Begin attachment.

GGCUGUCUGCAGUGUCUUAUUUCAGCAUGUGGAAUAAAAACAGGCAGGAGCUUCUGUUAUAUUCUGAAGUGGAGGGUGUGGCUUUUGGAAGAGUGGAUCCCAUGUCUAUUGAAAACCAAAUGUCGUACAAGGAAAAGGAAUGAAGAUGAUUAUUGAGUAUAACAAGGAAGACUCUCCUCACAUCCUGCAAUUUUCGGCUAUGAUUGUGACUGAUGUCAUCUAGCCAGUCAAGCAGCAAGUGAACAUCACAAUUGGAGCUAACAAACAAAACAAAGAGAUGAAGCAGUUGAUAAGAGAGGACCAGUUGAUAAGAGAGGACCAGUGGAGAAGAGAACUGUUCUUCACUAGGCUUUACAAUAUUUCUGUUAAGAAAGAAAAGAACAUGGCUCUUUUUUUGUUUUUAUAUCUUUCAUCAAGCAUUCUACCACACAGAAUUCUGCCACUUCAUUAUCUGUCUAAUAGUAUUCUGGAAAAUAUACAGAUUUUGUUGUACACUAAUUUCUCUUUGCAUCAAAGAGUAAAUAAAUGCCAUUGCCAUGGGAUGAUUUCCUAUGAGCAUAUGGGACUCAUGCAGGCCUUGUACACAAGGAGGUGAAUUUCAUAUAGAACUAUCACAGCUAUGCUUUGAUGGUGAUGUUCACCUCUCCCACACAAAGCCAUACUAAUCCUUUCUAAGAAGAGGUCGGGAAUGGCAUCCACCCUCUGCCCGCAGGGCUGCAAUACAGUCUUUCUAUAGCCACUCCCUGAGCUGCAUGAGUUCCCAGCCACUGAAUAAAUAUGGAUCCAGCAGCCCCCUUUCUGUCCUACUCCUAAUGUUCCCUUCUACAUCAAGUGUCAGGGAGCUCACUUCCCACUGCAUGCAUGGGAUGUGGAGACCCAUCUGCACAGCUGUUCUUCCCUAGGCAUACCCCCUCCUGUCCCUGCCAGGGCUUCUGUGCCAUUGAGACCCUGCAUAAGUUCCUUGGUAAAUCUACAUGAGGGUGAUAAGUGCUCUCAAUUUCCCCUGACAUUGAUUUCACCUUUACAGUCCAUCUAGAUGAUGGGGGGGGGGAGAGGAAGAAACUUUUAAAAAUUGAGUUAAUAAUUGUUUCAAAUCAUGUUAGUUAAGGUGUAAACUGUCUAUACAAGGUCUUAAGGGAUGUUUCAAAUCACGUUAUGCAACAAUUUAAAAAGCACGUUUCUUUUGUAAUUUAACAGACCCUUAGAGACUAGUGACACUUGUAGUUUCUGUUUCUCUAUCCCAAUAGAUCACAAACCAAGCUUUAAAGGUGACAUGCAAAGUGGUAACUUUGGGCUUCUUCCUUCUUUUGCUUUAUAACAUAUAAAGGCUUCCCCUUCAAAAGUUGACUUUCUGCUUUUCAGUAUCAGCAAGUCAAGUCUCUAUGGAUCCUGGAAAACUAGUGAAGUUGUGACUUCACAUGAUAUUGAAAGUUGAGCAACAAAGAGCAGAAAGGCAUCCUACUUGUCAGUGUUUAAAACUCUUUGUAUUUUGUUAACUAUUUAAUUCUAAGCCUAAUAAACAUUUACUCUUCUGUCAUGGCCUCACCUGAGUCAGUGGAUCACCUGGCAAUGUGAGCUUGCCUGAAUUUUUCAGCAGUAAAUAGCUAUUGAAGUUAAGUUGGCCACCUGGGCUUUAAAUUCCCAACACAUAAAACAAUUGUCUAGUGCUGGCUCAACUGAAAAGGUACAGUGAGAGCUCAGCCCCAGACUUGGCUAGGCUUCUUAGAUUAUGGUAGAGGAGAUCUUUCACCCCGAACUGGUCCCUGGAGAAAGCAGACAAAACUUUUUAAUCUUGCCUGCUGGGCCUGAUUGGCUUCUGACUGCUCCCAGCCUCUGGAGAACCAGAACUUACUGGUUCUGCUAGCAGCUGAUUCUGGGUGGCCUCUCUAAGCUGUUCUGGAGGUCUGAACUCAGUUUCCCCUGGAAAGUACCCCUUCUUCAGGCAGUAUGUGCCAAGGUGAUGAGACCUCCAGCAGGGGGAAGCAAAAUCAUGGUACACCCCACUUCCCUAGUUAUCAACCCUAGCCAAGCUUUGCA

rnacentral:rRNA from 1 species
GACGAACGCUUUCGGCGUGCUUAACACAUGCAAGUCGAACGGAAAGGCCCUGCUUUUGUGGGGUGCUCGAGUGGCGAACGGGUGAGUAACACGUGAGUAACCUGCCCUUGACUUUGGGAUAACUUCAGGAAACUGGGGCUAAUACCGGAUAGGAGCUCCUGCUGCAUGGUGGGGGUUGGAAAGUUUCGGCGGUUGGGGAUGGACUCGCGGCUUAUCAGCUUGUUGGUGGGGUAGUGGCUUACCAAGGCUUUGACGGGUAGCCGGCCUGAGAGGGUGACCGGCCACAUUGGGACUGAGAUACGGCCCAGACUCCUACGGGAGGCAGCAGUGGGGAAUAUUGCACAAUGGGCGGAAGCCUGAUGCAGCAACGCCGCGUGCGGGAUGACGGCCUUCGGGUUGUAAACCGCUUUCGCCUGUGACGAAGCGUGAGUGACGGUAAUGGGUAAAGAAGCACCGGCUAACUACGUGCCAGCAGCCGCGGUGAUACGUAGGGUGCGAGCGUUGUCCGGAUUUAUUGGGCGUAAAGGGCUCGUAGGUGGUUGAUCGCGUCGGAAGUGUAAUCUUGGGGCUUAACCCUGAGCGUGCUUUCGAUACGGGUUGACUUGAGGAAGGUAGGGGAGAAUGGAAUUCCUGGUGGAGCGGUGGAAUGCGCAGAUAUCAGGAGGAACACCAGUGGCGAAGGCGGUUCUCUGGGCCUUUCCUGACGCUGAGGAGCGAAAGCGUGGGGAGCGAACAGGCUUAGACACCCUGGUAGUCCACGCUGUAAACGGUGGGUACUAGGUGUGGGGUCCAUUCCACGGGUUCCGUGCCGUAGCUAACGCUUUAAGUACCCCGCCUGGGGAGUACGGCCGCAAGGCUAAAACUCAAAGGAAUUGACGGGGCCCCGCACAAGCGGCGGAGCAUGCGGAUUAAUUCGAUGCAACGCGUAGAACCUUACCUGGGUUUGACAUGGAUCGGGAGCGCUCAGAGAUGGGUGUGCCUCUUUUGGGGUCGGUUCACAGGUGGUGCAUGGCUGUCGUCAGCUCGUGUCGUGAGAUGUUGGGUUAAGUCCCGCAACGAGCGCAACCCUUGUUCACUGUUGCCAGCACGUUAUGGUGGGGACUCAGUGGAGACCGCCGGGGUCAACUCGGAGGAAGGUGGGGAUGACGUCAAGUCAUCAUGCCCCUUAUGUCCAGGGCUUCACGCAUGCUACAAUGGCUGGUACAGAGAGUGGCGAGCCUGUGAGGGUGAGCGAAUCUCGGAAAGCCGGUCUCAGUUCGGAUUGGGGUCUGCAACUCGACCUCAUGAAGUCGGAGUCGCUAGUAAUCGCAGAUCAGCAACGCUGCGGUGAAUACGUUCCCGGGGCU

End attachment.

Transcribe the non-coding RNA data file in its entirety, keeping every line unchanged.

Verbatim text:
GGCUGUCUGCAGUGUCUUAUUUCAGCAUGUGGAAUAAAAACAGGCAGGAGCUUCUGUUAUAUUCUGAAGUGGAGGGUGUGGCUUUUGGAAGAGUGGAUCCCAUGUCUAUUGAAAACCAAAUGUCGUACAAGGAAAAGGAAUGAAGAUGAUUAUUGAGUAUAACAAGGAAGACUCUCCUCACAUCCUGCAAUUUUCGGCUAUGAUUGUGACUGAUGUCAUCUAGCCAGUCAAGCAGCAAGUGAACAUCACAAUUGGAGCUAACAAACAAAACAAAGAGAUGAAGCAGUUGAUAAGAGAGGACCAGUUGAUAAGAGAGGACCAGUGGAGAAGAGAACUGUUCUUCACUAGGCUUUACAAUAUUUCUGUUAAGAAAGAAAAGAACAUGGCUCUUUUUUUGUUUUUAUAUCUUUCAUCAAGCAUUCUACCACACAGAAUUCUGCCACUUCAUUAUCUGUCUAAUAGUAUUCUGGAAAAUAUACAGAUUUUGUUGUACACUAAUUUCUCUUUGCAUCAAAGAGUAAAUAAAUGCCAUUGCCAUGGGAUGAUUUCCUAUGAGCAUAUGGGACUCAUGCAGGCCUUGUACACAAGGAGGUGAAUUUCAUAUAGAACUAUCACAGCUAUGCUUUGAUGGUGAUGUUCACCUCUCCCACACAAAGCCAUACUAAUCCUUUCUAAGAAGAGGUCGGGAAUGGCAUCCACCCUCUGCCCGCAGGGCUGCAAUACAGUCUUUCUAUAGCCACUCCCUGAGCUGCAUGAGUUCCCAGCCACUGAAUAAAUAUGGAUCCAGCAGCCCCCUUUCUGUCCUACUCCUAAUGUUCCCUUCUACAUCAAGUGUCAGGGAGCUCACUUCCCACUGCAUGCAUGGGAUGUGGAGACCCAUCUGCACAGCUGUUCUUCCCUAGGCAUACCCCCUCCUGUCCCUGCCAGGGCUUCUGUGCCAUUGAGACCCUGCAUAAGUUCCUUGGUAAAUCUACAUGAGGGUGAUAAGUGCUCUCAAUUUCCCCUGACAUUGAUUUCACCUUUACAGUCCAUCUAGAUGAUGGGGGGGGGGAGAGGAAGAAACUUUUAAAAAUUGAGUUAAUAAUUGUUUCAAAUCAUGUUAGUUAAGGUGUAAACUGUCUAUACAAGGUCUUAAGGGAUGUUUCAAAUCACGUUAUGCAACAAUUUAAAAAGCACGUUUCUUUUGUAAUUUAACAGACCCUUAGAGACUAGUGACACUUGUAGUUUCUGUUUCUCUAUCCCAAUAGAUCACAAACCAAGCUUUAAAGGUGACAUGCAAAGUGGUAACUUUGGGCUUCUUCCUUCUUUUGCUUUAUAACAUAUAAAGGCUUCCCCUUCAAAAGUUGACUUUCUGCUUUUCAGUAUCAGCAAGUCAAGUCUCUAUGGAUCCUGGAAAACUAGUGAAGUUGUGACUUCACAUGAUAUUGAAAGUUGAGCAACAAAGAGCAGAAAGGCAUCCUACUUGUCAGUGUUUAAAACUCUUUGUAUUUUGUUAACUAUUUAAUUCUAAGCCUAAUAAACAUUUACUCUUCUGUCAUGGCCUCACCUGAGUCAGUGGAUCACCUGGCAAUGUGAGCUUGCCUGAAUUUUUCAGCAGUAAAUAGCUAUUGAAGUUAAGUUGGCCACCUGGGCUUUAAAUUCCCAACACAUAAAACAAUUGUCUAGUGCUGGCUCAACUGAAAAGGUACAGUGAGAGCUCAGCCCCAGACUUGGCUAGGCUUCUUAGAUUAUGGUAGAGGAGAUCUUUCACCCCGAACUGGUCCCUGGAGAAAGCAGACAAAACUUUUUAAUCUUGCCUGCUGGGCCUGAUUGGCUUCUGACUGCUCCCAGCCUCUGGAGAACCAGAACUUACUGGUUCUGCUAGCAGCUGAUUCUGGGUGGCCUCUCUAAGCUGUUCUGGAGGUCUGAACUCAGUUUCCCCUGGAAAGUACCCCUUCUUCAGGCAGUAUGUGCCAAGGUGAUGAGACCUCCAGCAGGGGGAAGCAAAAUCAUGGUACACCCCACUUCCCUAGUUAUCAACCCUAGCCAAGCUUUGCA

rnacentral:rRNA from 1 species
GACGAACGCUUUCGGCGUGCUUAACACAUGCAAGUCGAACGGAAAGGCCCUGCUUUUGUGGGGUGCUCGAGUGGCGAACGGGUGAGUAACACGUGAGUAACCUGCCCUUGACUUUGGGAUAACUUCAGGAAACUGGGGCUAAUACCGGAUAGGAGCUCCUGCUGCAUGGUGGGGGUUGGAAAGUUUCGGCGGUUGGGGAUGGACUCGCGGCUUAUCAGCUUGUUGGUGGGGUAGUGGCUUACCAAGGCUUUGACGGGUAGCCGGCCUGAGAGGGUGACCGGCCACAUUGGGACUGAGAUACGGCCCAGACUCCUACGGGAGGCAGCAGUGGGGAAUAUUGCACAAUGGGCGGAAGCCUGAUGCAGCAACGCCGCGUGCGGGAUGACGGCCUUCGGGUUGUAAACCGCUUUCGCCUGUGACGAAGCGUGAGUGACGGUAAUGGGUAAAGAAGCACCGGCUAACUACGUGCCAGCAGCCGCGGUGAUACGUAGGGUGCGAGCGUUGUCCGGAUUUAUUGGGCGUAAAGGGCUCGUAGGUGGUUGAUCGCGUCGGAAGUGUAAUCUUGGGGCUUAACCCUGAGCGUGCUUUCGAUACGGGUUGACUUGAGGAAGGUAGGGGAGAAUGGAAUUCCUGGUGGAGCGGUGGAAUGCGCAGAUAUCAGGAGGAACACCAGUGGCGAAGGCGGUUCUCUGGGCCUUUCCUGACGCUGAGGAGCGAAAGCGUGGGGAGCGAACAGGCUUAGACACCCUGGUAGUCCACGCUGUAAACGGUGGGUACUAGGUGUGGGGUCCAUUCCACGGGUUCCGUGCCGUAGCUAACGCUUUAAGUACCCCGCCUGGGGAGUACGGCCGCAAGGCUAAAACUCAAAGGAAUUGACGGGGCCCCGCACAAGCGGCGGAGCAUGCGGAUUAAUUCGAUGCAACGCGUAGAACCUUACCUGGGUUUGACAUGGAUCGGGAGCGCUCAGAGAUGGGUGUGCCUCUUUUGGGGUCGGUUCACAGGUGGUGCAUGGCUGUCGUCAGCUCGUGUCGUGAGAUGUUGGGUUAAGUCCCGCAACGAGCGCAACCCUUGUUCACUGUUGCCAGCACGUUAUGGUGGGGACUCAGUGGAGACCGCCGGGGUCAACUCGGAGGAAGGUGGGGAUGACGUCAAGUCAUCAUGCCCCUUAUGUCCAGGGCUUCACGCAUGCUACAAUGGCUGGUACAGAGAGUGGCGAGCCUGUGAGGGUGAGCGAAUCUCGGAAAGCCGGUCUCAGUUCGGAUUGGGGUCUGCAACUCGACCUCAUGAAGUCGGAGUCGCUAGUAAUCGCAGAUCAGCAACGCUGCGGUGAAUACGUUCCCGGGGCU